Bibi May Finally Be Calling their Bluff

Bibi May Finally Be Calling their Bluff

Gilbert N. Kahn is a professor of Political Science at Kean University.

Looks like we will know very soon whether the Palestinians are really prepared to show up and whether Netanyahu is ready to call Abbas’ bluff?  With so little to lose, Bibi has been acting like he is ready to go into the ring with the Palestinians.  On Monday evening both sides may actually sit down face to face for the first time in four years. While the two scheduled days of meetings—it could drag on longer–are reported to be strictly organizational, in may well be a beginning.

There are several signs to keep in mind in watching matters unfold. Secretary Kerry got the parties to leave the region and come to Washington. Travel is not an enormous factor in 2013, but it is not a car or helicopter ride after sleeping in one’s own bed. The Secretary forced the parties to make the gesture and travel to Washington, a much more symbolic indication to Palestinian leadership, Hamas, and the Arab League, than it is for Israel’s establishment. While the meetings are only scheduled to begin in Washington, then to continue in the region based on procedural agreements reached in Washington, this permits Kerry to show some progress and success; albeit nothing yet of substance.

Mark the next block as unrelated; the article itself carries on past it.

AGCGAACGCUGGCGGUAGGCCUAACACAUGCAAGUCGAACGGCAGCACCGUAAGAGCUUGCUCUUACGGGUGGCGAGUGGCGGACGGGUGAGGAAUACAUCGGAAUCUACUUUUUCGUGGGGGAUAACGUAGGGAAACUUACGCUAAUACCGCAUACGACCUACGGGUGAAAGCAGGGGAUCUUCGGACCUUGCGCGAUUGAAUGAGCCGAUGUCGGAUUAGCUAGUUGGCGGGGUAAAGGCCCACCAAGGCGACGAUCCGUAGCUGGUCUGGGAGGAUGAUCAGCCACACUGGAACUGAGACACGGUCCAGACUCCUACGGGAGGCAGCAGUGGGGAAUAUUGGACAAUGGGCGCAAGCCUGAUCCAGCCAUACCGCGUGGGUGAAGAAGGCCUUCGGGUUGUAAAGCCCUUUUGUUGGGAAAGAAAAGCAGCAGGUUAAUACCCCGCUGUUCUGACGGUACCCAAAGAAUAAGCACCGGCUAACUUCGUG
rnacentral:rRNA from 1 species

Despite agreeing to return Palestinian prisoners from before the Oslo period—including some with much Jewish blood on their hands–Netanyahu appears basically also to have called the bluff of his own Likud Party Members. Whether Bibi actually thinks this will work or not; whether it will just be another Palestinian bluff; whether he believes the Palestinians will bargain until the end and then walk away as did Arafat at Camp David; or whether Bibi believes this could actually move to an end game, he has a ministerial agreement upon which to fall back. Any agreements will be submitted for a popular referendum.

Netanyahu knows that just as there will much rough sledding ahead for the Palestinians—internally—on matters involving refugees, right of return, borders, and Jerusalem, he will also have to address settlement dismantling, military presence, borders, and Jerusalem.  The real test, however, will come for both Abbas and Netanyahu in the political realm. Will Abbas be able to sell an agreement to the Palestinians—or be removed from office? Will Bibi be able to sell an agreement and not lose his coalition? For Abbas as well, assuming he can take an agreement to the end, there is a question as to whether he will physically survive reaching an agreement?

There is a need to note one finally logistical issue. Assuming the D.C. meetings proceed well enough to move to the next stage of meetings in the region, both sides could reopen or reconsider any and all decisions reached in Washington. This type of circus has happened before and would force the entire negotiations back to square one, with both sides playing the “blame game”.

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